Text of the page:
Increased compassion. Again, this is also mentioned by meditators, whether they have a physical practice or not. For me, this is just another extension of the two factors noted above. With an increase in confidence and a decrease in fear we can more easily look beyond ourselves and connect with our fellow humans on a different level. You may notice, non-judgmentally if you can, that those who are not as confident and are more consumed with fear and anxiety may have a harder time being compassionate. Of course this is a generalization and does not apply across the board, but think about the relationship. Better, notice the changes in yourself as you progress in your practice.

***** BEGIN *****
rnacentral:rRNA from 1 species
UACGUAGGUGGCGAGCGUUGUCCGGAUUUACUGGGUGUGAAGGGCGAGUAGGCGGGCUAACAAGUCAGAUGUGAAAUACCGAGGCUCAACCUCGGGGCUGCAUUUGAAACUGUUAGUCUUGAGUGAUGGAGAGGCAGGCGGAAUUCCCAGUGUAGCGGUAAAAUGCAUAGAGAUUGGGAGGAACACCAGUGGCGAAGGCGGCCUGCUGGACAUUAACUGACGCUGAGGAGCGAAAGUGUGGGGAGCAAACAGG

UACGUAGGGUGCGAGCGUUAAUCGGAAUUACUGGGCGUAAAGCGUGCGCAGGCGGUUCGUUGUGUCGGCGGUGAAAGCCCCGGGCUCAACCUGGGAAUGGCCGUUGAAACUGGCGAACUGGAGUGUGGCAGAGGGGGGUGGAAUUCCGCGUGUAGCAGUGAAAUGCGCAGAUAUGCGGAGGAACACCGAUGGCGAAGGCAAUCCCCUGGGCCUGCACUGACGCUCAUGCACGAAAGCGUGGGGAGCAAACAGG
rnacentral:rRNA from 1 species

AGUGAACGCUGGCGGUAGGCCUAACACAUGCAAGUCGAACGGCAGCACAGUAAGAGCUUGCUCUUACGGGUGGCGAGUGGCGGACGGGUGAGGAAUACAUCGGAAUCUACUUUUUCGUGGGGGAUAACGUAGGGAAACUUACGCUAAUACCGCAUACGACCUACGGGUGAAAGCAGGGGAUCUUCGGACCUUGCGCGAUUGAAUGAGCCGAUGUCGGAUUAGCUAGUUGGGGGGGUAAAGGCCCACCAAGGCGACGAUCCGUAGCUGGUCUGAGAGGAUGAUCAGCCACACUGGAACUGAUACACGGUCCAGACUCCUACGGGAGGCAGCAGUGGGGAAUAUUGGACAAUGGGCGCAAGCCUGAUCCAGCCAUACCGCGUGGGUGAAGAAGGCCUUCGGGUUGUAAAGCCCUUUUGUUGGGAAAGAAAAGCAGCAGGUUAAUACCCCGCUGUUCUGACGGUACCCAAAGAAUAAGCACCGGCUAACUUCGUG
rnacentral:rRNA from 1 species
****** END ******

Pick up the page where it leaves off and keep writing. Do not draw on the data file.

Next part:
Better sleep. OK, this one can be and has been measured. However, I want to include it here because I think sleep is more than a physical process. Our dream state, REM state, and dreamless sleep are holistic events. We heal when we sleep. We also grow psychologically and spiritually in our sleep. Sleep is as much a defining factor in our growth as Taiji, Qigong, or meditation. Some years ago, I took the 100 days of the Chinese New Year to refine and define my practice of the Hao Chuan, or Old Yang Style Taiji Form. I worked on this form extensively everyday for 100 days. Somewhere around 65 days in (+/-) I started experiencing deeper sleep than I have ever had in my life, and REM dreams right before awakening that just did not conform to words very well. Additionally, my digestion and body processes improved in efficiency. However, after the 100 days were over I started dropping the practice some as it is not my primary style and I was deepening my study of Chen Style with Dr. Yang. As I dropped the Hao Chuan from my routine, the experiences began to fall away. Some 6 months later, I started practicing the form again and they came back. I don't make any claims whatsoever as to the cause of this and I am sure it is not quantifiable. I have a theory but it is based on colloquial Chinese understanding of TCM and Qigong, and as such doesn't conform very well to Western philosophy. To that end, I will not include it here so as not to take away from my point. However, the experience was and is very real for me. I consider that form to be one of the most potent expressions of Qigong I have ever practiced and it is a solid component of my training/practice routine that still informs my psycho-spiritual self and my sleep.